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Oklahoma Christian Introduces New Enrollment Software

By Dickson Ganza

Oklahoma Christian University has begun using a new enrollment software called Student Planning. This software will allow students to create up to eight-semester plans individually and will replace web enrollment, the faculty advisement tool and the schedule search.

The new software will create and implement eight-semester plans for each student. A student’s advisor (or the student themselves) can load a recommended eight-semester series of courses for their major into their own individual plan. 

Dr. Virginia Smith, associate chief academic officer, said the new software caters to the student’s needs. 

“Once they have the recommended courses in place, the student and their advisor can make modifications to fit exactly what the student wants or needs,” Smith said. “Because this plan extends eight semesters (or more) into the future, it makes it easier to adjust and accommodate for situations, such as the student wanting to study abroad for a semester in Vienna.”

The software will draw data from the school college system, keeping track of courses, grades and schedules. This will help cases where classes are only offered in certain semesters because the software will take it all into consideration when arranging the suggested timeline of courses. 

“If a student or advisor accidentally moves a particular course into a semester where there is a problem or conflict, the software will not only notify them of a problem but also what to do about it,” Smith said. 

The purpose of this software is to make advising and enrollment easier and more consistent. It will display all student information, course catalogs and schedule information as well as check degree requirements for courses students have taken or plan to take. Students will also use it to enroll in courses.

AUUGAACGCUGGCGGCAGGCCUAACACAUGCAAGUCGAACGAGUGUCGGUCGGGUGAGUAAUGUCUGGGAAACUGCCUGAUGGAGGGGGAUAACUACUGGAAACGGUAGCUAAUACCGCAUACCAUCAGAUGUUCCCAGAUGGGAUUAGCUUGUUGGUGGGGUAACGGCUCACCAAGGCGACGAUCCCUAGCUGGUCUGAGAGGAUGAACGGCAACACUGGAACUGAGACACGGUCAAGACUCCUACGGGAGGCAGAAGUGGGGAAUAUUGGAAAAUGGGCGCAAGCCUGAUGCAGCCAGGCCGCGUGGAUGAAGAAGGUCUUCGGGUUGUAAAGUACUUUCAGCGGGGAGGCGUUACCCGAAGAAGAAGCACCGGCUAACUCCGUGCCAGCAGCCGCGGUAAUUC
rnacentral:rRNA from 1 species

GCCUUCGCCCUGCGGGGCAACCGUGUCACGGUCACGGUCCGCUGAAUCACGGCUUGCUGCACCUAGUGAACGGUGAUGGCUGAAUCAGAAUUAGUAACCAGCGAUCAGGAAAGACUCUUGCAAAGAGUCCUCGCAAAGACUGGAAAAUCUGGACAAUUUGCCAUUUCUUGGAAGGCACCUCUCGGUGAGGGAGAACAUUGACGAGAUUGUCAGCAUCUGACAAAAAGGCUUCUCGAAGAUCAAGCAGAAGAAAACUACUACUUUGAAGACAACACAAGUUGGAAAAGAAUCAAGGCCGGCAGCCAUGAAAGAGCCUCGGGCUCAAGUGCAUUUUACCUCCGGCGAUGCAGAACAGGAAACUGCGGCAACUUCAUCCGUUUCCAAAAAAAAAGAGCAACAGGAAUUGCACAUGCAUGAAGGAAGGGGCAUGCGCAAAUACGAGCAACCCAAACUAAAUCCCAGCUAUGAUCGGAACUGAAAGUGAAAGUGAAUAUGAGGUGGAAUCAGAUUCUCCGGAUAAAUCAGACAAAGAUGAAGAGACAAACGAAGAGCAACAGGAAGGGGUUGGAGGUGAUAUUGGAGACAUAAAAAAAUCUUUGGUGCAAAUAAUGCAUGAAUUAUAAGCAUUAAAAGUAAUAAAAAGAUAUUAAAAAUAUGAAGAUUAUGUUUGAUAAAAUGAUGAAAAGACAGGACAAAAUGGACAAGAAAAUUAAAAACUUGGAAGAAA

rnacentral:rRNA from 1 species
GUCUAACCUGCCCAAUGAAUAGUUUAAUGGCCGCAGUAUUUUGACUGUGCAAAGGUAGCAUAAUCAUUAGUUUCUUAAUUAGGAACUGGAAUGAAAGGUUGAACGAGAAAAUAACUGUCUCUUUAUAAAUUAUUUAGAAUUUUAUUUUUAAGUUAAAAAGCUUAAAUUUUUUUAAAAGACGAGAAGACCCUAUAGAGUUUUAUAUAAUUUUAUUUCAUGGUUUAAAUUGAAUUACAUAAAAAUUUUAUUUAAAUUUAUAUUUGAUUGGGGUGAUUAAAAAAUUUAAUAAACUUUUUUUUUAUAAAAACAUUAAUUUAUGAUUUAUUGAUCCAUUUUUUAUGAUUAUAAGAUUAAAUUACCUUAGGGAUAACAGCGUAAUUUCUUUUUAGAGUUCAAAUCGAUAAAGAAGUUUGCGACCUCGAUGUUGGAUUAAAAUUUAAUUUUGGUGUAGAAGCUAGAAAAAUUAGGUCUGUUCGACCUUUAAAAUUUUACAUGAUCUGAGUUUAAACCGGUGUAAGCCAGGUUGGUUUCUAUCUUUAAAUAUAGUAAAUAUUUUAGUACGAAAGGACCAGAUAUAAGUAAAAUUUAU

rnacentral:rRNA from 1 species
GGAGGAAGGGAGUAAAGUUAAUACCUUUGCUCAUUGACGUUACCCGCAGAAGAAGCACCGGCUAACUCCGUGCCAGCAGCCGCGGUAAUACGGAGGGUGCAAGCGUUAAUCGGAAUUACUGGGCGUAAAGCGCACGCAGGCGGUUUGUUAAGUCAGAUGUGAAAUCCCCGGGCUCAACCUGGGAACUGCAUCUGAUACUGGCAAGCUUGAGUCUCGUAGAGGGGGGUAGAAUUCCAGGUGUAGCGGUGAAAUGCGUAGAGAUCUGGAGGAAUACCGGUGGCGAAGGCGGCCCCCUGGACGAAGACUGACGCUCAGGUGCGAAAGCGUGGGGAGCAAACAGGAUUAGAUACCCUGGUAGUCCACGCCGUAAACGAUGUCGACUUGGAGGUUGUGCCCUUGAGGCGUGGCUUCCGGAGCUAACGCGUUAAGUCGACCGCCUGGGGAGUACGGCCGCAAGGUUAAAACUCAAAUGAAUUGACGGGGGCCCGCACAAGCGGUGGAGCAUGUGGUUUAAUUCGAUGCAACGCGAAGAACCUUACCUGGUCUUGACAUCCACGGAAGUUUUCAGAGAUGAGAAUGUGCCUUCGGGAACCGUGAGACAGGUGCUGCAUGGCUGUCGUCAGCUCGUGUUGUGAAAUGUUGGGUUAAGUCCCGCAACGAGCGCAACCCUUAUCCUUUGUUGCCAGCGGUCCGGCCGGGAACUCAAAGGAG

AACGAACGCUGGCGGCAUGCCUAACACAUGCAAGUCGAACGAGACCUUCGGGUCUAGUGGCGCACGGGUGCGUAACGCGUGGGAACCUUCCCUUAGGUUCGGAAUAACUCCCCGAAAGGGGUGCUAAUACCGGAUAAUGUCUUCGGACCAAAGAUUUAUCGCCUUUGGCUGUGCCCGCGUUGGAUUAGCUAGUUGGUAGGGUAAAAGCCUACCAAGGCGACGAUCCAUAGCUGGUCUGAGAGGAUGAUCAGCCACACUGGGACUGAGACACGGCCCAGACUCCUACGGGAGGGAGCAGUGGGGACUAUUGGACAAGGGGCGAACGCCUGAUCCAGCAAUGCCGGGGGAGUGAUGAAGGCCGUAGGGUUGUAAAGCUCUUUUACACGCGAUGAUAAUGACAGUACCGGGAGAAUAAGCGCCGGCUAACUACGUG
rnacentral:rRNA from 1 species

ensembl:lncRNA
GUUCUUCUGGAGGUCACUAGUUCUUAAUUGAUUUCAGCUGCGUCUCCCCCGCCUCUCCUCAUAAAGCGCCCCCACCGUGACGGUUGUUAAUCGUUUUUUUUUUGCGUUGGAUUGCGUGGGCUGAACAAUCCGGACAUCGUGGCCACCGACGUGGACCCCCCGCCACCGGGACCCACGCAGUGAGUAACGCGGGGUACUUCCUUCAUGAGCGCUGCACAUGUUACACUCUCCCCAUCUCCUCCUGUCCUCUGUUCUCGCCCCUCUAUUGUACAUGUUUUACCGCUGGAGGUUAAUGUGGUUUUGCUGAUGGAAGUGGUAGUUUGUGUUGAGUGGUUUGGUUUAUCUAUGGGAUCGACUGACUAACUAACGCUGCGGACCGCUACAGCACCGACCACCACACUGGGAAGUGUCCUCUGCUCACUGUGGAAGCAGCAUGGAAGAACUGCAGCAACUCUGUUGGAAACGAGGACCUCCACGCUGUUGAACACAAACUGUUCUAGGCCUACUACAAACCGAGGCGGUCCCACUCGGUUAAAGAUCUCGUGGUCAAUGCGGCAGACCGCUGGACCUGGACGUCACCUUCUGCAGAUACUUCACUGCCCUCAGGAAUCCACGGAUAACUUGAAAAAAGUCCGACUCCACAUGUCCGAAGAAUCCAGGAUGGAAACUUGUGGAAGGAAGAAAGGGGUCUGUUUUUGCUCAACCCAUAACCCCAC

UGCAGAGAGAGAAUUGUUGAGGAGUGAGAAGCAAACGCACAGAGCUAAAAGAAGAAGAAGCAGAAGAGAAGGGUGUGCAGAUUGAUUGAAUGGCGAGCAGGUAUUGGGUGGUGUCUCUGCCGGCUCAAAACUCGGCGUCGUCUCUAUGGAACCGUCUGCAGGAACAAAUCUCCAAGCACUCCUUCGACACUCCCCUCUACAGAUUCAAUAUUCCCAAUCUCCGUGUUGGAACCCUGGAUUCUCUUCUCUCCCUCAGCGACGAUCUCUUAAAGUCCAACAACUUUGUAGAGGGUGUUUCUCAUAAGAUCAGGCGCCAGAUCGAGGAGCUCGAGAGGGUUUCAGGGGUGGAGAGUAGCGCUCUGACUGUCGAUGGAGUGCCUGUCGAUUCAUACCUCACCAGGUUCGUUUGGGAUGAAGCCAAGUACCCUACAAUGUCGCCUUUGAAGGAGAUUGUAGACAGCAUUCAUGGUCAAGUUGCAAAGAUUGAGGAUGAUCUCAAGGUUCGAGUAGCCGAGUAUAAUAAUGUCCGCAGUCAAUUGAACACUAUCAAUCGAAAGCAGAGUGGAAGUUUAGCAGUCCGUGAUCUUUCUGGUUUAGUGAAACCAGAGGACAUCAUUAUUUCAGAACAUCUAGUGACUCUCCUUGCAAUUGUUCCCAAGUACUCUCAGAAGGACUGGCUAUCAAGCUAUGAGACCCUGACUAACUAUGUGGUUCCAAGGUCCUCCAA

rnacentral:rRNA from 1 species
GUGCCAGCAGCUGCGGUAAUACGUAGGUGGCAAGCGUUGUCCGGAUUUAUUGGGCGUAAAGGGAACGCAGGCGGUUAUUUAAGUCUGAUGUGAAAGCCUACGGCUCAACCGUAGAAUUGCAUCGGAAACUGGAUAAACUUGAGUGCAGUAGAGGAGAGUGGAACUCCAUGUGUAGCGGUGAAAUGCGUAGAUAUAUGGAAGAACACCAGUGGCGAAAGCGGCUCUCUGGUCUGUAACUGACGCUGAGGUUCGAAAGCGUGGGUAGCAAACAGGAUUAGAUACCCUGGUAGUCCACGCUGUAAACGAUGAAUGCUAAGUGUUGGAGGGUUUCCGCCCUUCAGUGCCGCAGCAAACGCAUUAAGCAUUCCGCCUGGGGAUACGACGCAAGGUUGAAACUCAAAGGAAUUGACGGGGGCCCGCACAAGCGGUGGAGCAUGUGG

“It helps prevent problems by clearly indicating the path forward, what remains to be completed and an appropriate timeline for completion,” Smith said. 

The software has been tested and evaluated for almost a year and is ready to be put to use by the students and faculty members at Oklahoma Christian. 

Professor David North, the program chair for computer science, said the new software has been received positively among his students. 

“I have been using it in the computer science major for a year and the computer science students all like it very much,” North said.

The new student planning tool is already operating and has replaced the old system, which is now no longer accessible. It will be used to enroll for the winter and spring semesters and the faculty advisors are all working to build plans for students. This feature can be found on “my OC” under a link that says, “Student Planning”. 

North said the campus-wide “enrollment parties” can help students learn how to navigate the technological changes.

“It is important to attend the training events put in place to learn how to use this software. There is one happening next Monday, the 19th of Sept.,” North said. 

Ivan Mugisha, a computer science major, said he liked the new enrollment process. 

“The software is amazing; I have used it and feel comfortable knowing what I have accomplished and what I have left,” Mugisha said. “However, my only issue is, I feel it is going to take away the time I have with my advisor.” 

The software plans to increase campus retention by helping students create a clear plan to graduate. 

“The software is not a replacement for the advisors. There are more things you need to talk to your advisors about than just class enrollment, such as career guidance, planning and goals,” North said. “The software is meant to improve the student advisement experience by making it easier for faculty to advise.” 

There will be an “enrollment party” on Sept. 19 where students can learn how to use this new tool. Several trained students will be teaching others about the interface and how to use this tool. Cookies will be provided and a dunk tank will be involved. 

“Each student who completes the short training will receive coupons for cookies and a turn at dunking a favorite professor,” Smith said.

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